Most Sectors Saw Fall In Employment In FY21, Finds CareEdge Study
India's organised economy lost jobs in 2020-21, according a study that underscores the impact of the pandemic on employment.
Of the 35 industries studied, only seven saw a rise in employment in the year ended March, according to a CareEdge analysis of disclosures by 2,618 companies. In contrast,19 industries witnessed a drop in jobs in FY20 and 16 reported an increase, leading to a net accretion.
Total headcount for the 2618 sample companies was 74.7 lakh as of March 31, 2021, down from 75.7 lakh the year before. 97,499 jobs were lost, accounting for 1.3% of the workforce.
The seven industries that added jobs amid the pandemic include information technology and banks. In comparison, retailing and mining shed the maximum number of jobs. Not surprising that these were among the sectors that saw activity freeze after the nationwide lockdown.
The results reinforce the first impression given by the smaller samples that there has been a fall in employment in FY21 in the organised sector, CareEdge said in a statement accompanying the report. "If this is the situation in the organised sector, it can be surmised that the position would be grim for the unorganised segment."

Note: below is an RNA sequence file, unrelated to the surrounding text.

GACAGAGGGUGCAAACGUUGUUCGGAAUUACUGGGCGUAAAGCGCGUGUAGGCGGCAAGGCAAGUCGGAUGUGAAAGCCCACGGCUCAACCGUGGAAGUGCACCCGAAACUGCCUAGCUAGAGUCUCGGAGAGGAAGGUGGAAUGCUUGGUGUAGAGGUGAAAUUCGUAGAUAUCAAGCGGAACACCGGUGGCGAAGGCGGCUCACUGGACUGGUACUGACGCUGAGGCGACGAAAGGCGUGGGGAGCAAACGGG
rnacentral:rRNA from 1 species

Gains And Losses
In FY21, with the lockdowns being imposed and selectively relaxed during the course of the year, industries were differentially impacted which got reflected in the employment numbers, said the report.
Seven industries that added headcount are IT, banks, healthcare, power, consumer durables, chemicals and logistics.
In percentage terms, non-ferrous metals, healthcare and the IT sectors added the most jobs.
Sectors that lost the most jobs included retailing, mining and the broader financial sector.
As a percentage of their overall workforce, the education and training sector lost 29% of employees, media and entertainment 18.7%, retailing 17.1%. Hospitality and trading lost over 12% of their workforce.
Employment across this segment of organised sector firms fell 1.3% in a year when GDP contracted 7.3%. By comparison, when the GDP rose 4% in FY20, formal sector employment rose 2.2%.
“The interesting takeaway is that growth in employment in FY20 did not keep pace with growth in GDP and the elasticity was 0.55. This has been the pattern even in the past as revealed by our earlier studies,” it said. For rapid growth in employment in the organised sector, CareEdge said, GDP growth needs to be in the range of 8-10% on a sustained basis.